By John Delia
Mar 29, 2012 08:49 AM EST

Wrath of the Titans Theatrical Review

Wrath of the Titans Theatrical Review
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This sequel called Wrath of the Titans happens to be one of those films that if you hadn't seen the first one, you may get a little lost in the plot. Not, that the plot is very difficult here, but read the following film description and you male tweens to twenties should get the idea even if you haven't seen Clash of the Titans.
A decade after his heroic battle with the monstrous Kraken, Perseus (Sam Worthington) the half god half human son of Zeus (Liam Neeson) who has forsaken his father has settled down as a fisherman in a small village with his now10-year-old son, Helius. One day flying dragon-like monsters with intent on killing Perseus attacks his town. No longer able to stay in the region he sets out from his village to find the reason for the disturbance.
In the meantime a struggle is going on for supremacy amongst the gods with Zeus being tricked into captivity by his brother Hades (Ralph Fiennes).  Weak due to the lack of devotion from humans Zeus starts to loose his strength to fight off Hades.  Now locked away in the depths of a gloomy fiery abyss called Tartarus, Zeus finds himself about to die.  In a desperate chance for survival he appeals to his other brother Poseidon for help. When Poseidon gets word to Perseus an alliance gets set up between Queen Andromeda (Rosamund Pike), Poseidon's demigod son Agenor (Toby Kebbell), and fallen god Hephaestus (Bill Nighy) in an attempt to save Zeus.
Acting by the whole cast including the extras had to be extremely difficult on a set that had nothing by basic features.  With vast desolate landscapes, ancient interiors, fiery caverns, rock covered battlefields, animated monsters and smoke filled skies being CGI the cast had to act like everything is real.  My hat goes off for their genuine performances as it's hard to tell where the realism begins and the animation takes over.
The true fun here doesn't really need an involving story because the film rolls out with a simple ‘lets save dad' and it's that simple premise that controls the action packed adventure.  It's all about the computer graphic special effects combined with 3D filming that makes this movie work.  Totally amazing in special depth of field visuals that in several cases take the audience on a roller coaster ride to the center of the Earth or into a fiery flight on Pegasus during a fight between Perseus and Kronos. At one point I could see Perseus on Pegasus flying from the audience into the screen. The 3D in this film certainly puts a lot of other productions to shame and sets the bar high, it's that good.
Jonathan Liebesman who keeps the action happening on the screen during nearly every minute of the hour and a half film keenly directs this cool fantasy film.  In some cases the battles are so intense it's hard to take it all in as they fight to the death.  All of his monstrous characters out do the Kracken from Clash of the Titans.  In Wrath he pits a nasty three headed chimera against Perseus while defending his village, three huge Cyclops attacking Andromeda, Agenor, and Perseus in the woods, soldiers fighting off an army of two-bodied Makhai and other unique predators. It's the kind of fun entertainment that those liking this genre will take home and share with friends.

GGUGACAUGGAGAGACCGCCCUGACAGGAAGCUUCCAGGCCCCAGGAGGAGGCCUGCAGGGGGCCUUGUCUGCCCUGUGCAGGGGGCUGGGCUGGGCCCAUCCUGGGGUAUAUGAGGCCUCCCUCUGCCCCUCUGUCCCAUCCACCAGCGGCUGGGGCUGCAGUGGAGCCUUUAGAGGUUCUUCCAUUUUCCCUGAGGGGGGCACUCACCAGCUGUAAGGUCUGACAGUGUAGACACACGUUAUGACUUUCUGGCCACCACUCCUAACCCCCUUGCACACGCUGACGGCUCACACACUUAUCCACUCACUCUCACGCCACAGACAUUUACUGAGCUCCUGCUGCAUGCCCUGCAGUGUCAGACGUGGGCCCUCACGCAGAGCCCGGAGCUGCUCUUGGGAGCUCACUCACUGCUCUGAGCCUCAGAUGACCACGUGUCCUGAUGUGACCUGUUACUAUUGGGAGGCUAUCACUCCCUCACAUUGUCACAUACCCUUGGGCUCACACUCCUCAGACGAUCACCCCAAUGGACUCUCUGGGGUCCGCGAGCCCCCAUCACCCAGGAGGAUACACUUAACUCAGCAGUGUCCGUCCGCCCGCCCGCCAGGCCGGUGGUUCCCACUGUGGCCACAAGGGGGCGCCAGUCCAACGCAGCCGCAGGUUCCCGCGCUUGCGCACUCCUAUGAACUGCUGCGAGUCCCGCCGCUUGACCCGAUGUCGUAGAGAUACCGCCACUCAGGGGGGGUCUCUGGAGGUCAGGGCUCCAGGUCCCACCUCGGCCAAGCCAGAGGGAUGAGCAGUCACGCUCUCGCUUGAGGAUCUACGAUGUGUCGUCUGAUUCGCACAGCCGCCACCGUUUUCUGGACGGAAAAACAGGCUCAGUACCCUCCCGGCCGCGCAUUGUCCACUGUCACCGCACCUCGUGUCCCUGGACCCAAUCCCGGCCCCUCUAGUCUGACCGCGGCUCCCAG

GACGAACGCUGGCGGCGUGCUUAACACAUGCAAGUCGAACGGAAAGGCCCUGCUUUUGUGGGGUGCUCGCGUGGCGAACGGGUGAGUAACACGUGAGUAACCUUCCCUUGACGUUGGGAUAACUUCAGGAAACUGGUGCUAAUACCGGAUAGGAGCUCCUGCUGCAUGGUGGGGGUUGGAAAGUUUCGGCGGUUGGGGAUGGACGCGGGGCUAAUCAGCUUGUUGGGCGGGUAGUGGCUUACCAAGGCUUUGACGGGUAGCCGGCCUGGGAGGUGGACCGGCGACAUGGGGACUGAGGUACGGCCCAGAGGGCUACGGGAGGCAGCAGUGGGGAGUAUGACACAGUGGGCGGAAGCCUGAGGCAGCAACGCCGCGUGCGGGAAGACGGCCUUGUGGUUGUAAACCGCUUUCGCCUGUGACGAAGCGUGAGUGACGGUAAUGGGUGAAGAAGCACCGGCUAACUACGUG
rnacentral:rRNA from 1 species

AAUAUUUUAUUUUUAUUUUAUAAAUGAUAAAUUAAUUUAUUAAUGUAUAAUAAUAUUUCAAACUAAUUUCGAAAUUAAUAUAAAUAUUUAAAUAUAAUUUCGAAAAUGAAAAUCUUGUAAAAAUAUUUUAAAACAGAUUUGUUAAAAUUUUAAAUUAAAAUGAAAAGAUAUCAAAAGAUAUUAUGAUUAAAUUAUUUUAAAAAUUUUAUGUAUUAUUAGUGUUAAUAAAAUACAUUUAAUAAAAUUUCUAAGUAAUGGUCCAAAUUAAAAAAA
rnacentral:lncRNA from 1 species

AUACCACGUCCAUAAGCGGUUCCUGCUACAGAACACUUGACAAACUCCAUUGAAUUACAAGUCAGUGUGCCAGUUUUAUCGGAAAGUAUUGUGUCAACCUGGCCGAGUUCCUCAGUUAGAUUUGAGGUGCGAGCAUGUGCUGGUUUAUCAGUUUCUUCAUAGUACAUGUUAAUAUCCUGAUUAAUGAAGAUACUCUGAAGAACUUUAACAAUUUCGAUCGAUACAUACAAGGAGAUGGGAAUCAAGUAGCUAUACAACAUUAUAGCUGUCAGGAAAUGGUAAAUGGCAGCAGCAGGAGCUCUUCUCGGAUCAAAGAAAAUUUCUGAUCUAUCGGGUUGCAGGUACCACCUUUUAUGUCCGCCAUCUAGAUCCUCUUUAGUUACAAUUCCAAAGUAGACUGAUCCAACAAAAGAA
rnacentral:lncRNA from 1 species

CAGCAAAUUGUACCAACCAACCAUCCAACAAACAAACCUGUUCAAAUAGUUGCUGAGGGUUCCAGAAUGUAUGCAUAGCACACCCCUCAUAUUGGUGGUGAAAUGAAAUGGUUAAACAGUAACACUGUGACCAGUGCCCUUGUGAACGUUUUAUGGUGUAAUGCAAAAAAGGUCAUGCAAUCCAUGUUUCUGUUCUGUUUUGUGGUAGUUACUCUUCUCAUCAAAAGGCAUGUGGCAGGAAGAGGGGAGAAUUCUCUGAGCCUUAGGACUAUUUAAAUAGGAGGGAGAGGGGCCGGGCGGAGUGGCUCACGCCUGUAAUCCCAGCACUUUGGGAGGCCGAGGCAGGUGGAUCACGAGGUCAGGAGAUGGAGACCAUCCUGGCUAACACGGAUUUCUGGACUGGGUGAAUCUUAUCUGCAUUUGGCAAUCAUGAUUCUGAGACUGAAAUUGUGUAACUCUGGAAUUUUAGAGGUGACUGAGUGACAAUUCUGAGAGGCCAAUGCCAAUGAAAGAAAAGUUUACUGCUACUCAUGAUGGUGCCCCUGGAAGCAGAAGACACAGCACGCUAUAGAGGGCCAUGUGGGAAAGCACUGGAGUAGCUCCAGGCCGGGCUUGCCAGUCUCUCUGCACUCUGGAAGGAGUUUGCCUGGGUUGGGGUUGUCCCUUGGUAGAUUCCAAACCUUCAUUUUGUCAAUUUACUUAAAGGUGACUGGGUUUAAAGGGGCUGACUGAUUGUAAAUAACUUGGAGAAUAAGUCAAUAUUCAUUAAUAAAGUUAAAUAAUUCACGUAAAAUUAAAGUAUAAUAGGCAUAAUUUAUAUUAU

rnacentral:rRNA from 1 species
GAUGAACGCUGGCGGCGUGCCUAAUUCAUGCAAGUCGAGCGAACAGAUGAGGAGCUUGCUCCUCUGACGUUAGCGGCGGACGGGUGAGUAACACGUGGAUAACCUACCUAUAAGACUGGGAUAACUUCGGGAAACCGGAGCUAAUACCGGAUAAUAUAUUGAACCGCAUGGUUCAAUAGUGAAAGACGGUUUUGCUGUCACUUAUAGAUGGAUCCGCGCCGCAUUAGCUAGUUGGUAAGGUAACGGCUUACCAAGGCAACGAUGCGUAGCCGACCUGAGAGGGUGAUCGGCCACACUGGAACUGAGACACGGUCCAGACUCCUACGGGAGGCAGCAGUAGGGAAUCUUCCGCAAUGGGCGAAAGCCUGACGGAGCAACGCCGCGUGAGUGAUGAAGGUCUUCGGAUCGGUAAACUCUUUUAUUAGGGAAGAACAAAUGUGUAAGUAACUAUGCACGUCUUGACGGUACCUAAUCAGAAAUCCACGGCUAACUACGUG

The adventure takes a special turn when Andromeda, Agenor, Hephaestus and Perseus enter the labyrinth that leads to where Zeus is being held captive. The CGI constructed labyrinth actually amazes me, a stone tower with huge thick stoned walls that constantly move changing the layout of the interior.  The camera follows them as they traverse from one moving corridor to another giving the audience surprises at every turn. This happens to be the highlight of the film for me and I commend the artists, computer programmers, production supervisors, choreographers and of course the fine eye of Director Liebesman.
Wrath of the Titans has been rated PG-13 by the MPAA for intense sequences of fantasy violence and action.  If your Tween plays X-Box games of this genre than they have already seen it all.
FINAL ANALYSIS: For the target audience and die-hard fantasy lovers it's great. (B)
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MPAA Rating: PG-13
Running Time: 101 minutes
Distributed By: Warner Bros.

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About John Delia

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John Delia has been on all sides of the movie business over his lifetime from writing for newspapers to film making. He has been a film critic for many years and earned his Bachelor's Degree in Journalism and Communications from the University of Florida. John is also a member of the Southeastern Film Critics Association (SEFCA) which is comprised of more than 40 journalists working in the print, radio and online media. Read more reviews and content by .

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